Sea voyages, shipwrecks & disaster tales with New Zealand connections
Burning of the ship Blue Jacket
In 1869 the immigrant ship Blue Jacket made her return voyage to London from Lyttelton. She was loaded with wool, flax and gold, all treasures from the relatively new colony of New Zealand. Unfortunately she was not to reach her destination and caught fire near the Falkland Islands following which she was abandoned and sank in the South Atlantic.
Kaitangata Mine Disaster
Seventeen years before the disaster at Brunner that killed 65 men, a similar event at Kaitangata in the south-east of the South Island took the life of 34 men and boys. They were innocent parties in an act of negligence that was to be the first mining disaster to occur in New Zealand.
In the early morning of Thursday March 26th 1896, sixty five men entered the Brunner Mine on New Zealand's West Coast. They were never to be seen alive again. Here we present the story surrounding this disaster and the legal wrangles that followed it.
Often we concern ourselves with "those who never made it" and who today are only a memory recalled by the expression "Oh! Those poor people". Many events have occurred at sea and on voyages out where an arrival was "In the hands of God". The voyage of the Monarch and the trials experienced by her passengers and crew was just one of those stories.
The voyage of the Brilliant must have been one of the longest on record. A full 10 months, a complete change of crew and several stops at several ports where she lost many passengers whose interest in continue the voyage had waned. She arrived unexpectedly as all those awaiting her arrival had thought her lost in the great oceans and the remaining passengers took up the challenge of creating The Dream that was Cornwallis.
In March of 1867 the newly arrived immigrant ship caught fire in the Napier roadstead and burnt to the waterline. No lives were lost and no cause was ever found for the fire was ever found.
In 1874 the ship immigrant Surat ran aground on the coast south of Dunedin. No passengers lost their lives but they were to lose all their baggage and personal possessions and the ship was written-off. What than came to light were stories of gross incompetence, drunkenness, and threats of physical violence and murder.
The Cospatrick was destroyed by fire in 1874 on her way to New Zealand with a full complement of immigrants. Out of 473 passengers and crew 3 souls survived.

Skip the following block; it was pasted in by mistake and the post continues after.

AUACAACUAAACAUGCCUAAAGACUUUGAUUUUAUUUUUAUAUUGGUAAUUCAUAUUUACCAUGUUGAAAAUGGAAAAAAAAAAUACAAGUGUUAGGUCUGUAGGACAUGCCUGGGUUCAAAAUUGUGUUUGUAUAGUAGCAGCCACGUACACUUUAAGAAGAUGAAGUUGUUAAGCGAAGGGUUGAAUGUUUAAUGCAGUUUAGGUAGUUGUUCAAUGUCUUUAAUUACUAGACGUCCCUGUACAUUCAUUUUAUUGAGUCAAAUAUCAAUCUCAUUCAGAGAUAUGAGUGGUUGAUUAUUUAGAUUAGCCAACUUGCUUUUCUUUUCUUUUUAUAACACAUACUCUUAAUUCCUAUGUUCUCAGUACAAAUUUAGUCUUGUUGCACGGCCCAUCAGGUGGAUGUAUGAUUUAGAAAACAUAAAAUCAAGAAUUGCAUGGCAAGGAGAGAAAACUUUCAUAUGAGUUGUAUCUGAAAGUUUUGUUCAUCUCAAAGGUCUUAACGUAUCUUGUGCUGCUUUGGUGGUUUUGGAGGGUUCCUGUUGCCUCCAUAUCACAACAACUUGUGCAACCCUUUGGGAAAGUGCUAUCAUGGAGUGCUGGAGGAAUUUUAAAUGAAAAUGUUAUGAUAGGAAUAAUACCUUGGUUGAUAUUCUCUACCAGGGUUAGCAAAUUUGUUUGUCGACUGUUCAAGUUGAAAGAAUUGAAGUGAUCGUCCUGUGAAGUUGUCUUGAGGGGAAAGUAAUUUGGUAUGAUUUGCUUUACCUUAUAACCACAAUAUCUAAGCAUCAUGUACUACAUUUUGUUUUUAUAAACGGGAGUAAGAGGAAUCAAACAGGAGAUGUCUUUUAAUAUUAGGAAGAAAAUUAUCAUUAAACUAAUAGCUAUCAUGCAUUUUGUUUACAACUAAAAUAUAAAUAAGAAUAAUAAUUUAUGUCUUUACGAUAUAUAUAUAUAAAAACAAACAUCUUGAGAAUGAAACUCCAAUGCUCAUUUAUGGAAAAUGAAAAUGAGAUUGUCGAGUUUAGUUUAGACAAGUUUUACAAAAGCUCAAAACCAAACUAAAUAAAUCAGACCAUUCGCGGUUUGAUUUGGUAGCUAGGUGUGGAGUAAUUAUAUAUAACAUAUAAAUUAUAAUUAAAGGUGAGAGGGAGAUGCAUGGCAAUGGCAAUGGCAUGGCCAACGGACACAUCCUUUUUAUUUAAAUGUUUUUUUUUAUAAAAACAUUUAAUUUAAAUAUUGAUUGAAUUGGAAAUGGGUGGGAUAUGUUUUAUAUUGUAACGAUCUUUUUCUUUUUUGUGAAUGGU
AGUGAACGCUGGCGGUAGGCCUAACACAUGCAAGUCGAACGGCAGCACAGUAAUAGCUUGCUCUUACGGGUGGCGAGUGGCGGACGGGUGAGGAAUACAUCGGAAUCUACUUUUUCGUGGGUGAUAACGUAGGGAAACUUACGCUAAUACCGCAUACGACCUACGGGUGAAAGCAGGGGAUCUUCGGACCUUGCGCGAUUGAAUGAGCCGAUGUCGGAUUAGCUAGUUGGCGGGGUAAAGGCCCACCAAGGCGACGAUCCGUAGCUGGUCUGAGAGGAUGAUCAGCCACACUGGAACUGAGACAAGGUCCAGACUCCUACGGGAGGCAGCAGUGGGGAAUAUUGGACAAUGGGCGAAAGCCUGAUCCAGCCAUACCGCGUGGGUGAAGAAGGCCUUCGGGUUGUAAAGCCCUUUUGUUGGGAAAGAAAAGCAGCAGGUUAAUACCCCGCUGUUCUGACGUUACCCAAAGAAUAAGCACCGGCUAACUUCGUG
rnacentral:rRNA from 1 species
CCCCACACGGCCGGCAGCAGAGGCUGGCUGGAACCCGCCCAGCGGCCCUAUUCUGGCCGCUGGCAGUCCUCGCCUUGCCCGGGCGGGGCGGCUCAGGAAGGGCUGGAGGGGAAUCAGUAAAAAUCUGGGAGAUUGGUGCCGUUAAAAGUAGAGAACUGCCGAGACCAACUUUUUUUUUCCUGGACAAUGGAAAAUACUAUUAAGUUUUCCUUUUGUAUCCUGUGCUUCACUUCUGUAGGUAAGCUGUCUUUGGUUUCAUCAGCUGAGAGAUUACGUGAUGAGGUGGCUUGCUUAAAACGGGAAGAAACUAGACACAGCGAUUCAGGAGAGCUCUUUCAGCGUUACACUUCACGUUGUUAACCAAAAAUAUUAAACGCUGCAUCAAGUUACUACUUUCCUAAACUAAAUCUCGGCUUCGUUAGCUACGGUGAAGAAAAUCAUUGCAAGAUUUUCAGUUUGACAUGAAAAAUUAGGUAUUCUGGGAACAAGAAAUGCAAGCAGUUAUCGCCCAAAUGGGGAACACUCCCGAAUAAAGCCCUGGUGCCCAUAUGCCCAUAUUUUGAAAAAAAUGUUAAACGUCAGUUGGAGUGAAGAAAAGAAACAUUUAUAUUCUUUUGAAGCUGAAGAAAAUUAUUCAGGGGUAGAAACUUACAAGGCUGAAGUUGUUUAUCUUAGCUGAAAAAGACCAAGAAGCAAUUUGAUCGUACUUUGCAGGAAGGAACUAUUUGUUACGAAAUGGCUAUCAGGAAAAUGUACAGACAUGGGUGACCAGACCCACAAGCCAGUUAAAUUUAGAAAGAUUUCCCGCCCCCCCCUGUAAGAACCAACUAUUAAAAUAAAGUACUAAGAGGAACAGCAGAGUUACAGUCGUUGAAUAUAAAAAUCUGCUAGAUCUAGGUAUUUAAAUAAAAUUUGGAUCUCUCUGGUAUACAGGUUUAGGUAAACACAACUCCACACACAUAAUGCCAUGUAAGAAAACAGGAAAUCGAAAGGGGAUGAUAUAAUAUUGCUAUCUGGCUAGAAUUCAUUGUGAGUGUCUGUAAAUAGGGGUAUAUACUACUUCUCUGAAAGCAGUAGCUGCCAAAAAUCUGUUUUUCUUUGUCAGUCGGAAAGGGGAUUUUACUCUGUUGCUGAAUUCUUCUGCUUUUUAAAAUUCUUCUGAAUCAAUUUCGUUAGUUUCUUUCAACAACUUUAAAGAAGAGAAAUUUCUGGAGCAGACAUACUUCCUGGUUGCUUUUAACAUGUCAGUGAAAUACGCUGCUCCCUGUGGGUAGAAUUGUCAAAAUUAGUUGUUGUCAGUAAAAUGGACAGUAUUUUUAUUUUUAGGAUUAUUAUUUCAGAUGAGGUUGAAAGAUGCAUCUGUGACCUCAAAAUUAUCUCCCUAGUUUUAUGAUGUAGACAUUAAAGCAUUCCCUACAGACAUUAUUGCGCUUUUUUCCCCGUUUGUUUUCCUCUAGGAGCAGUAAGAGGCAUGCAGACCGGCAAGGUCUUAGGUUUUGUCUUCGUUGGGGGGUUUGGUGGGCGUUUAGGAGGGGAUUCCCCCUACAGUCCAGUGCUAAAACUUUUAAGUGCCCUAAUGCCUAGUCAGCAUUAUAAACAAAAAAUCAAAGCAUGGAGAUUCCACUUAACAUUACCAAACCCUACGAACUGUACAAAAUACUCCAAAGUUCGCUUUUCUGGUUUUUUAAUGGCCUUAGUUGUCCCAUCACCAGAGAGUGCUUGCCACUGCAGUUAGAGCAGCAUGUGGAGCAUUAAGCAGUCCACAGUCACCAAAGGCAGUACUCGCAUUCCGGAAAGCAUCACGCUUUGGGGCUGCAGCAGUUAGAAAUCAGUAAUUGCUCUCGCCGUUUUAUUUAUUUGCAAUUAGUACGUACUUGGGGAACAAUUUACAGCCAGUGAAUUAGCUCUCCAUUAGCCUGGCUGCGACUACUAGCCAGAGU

On October 1st 1854 the ship Polar Star, on her way from London to New Zealand with emigrants, caught fire in the South Atlantic. Denying the fire oxygen, a valiant effort by the crew and passengers ensured that the fire did not take hold and quite by chance or Divine Providence a ship came in sight and rescued the passengers and crew. With respect, this is their story.
On August 26th 1859 the ship Burmah left London bound for New Zealand. She had on board 22 passengers and a significant amount of livestock. From here no living soul knows what befell her or what became the passengers and crew she carried. The Burmah did not arrive and was never seen again. Or was it? A newspaper report from the Wellington Independent for January 5th 1871 hints that a derelict ship found on a southern South Island beach may indeed have been the Burmah. This may be one reason for her mysterious disappearance.
The story of the tragedy of the steamship Wairarapa which struck Great Barrier Island at full speed on October 29th 1894. Includes passenger and crew lists.
Shortly after the trans-Tasman steamship SS Wimmera left Auckland for Sydney on the July 25th 1918 she struck a mine sown by the German Raider Wolf . Within half an hour SS Wimmera was at the bottom and 125 passengers and crew were adrift at sea.
The Inconstant arrived at Port Nicholson on her way to South America and ran aground as she entered the harbour. Her hulk was to gain fame by becoming Plimmers Ark on Wellington's early foreshore. Her remains were buried as a result of reclamation and re-discovered in 1899 and, more importantly, in 1998 when the remains commenced their preservation for posterity.
The SS Elingamite sailed from Sydney to Auckland in 1902 on a course based on a faulty chart that was to drive her onto the rocky shores of West King Island and to the bottom of the sea. The censuring of the Captain for this tragedy in which 45 people lost their lives was to be overturned eight years later when an Australian ship discovered the error.
Our sincere thanks to Graham Bould for his assistance in helping to gather information for this story.
The much-loved immigrant ship Wild Deer left Glasgow on January 12th 1883 (a Friday) with a crew of 41, nine hundred tons of general cargo and 209 immigrants for Dunedin in New Zealand. Within hours she had run aground on North Rock off the coast of Cloughy Bay. She was to sink and be lost but all on board survived to depart, one month later, on the ship Caroline for their intended new home of New Zealand.
Our sincere thanks for Jim Allan of Auckland for writing this story and to Ray Dobson for his invaluable contributions. Both had ancestors on board.
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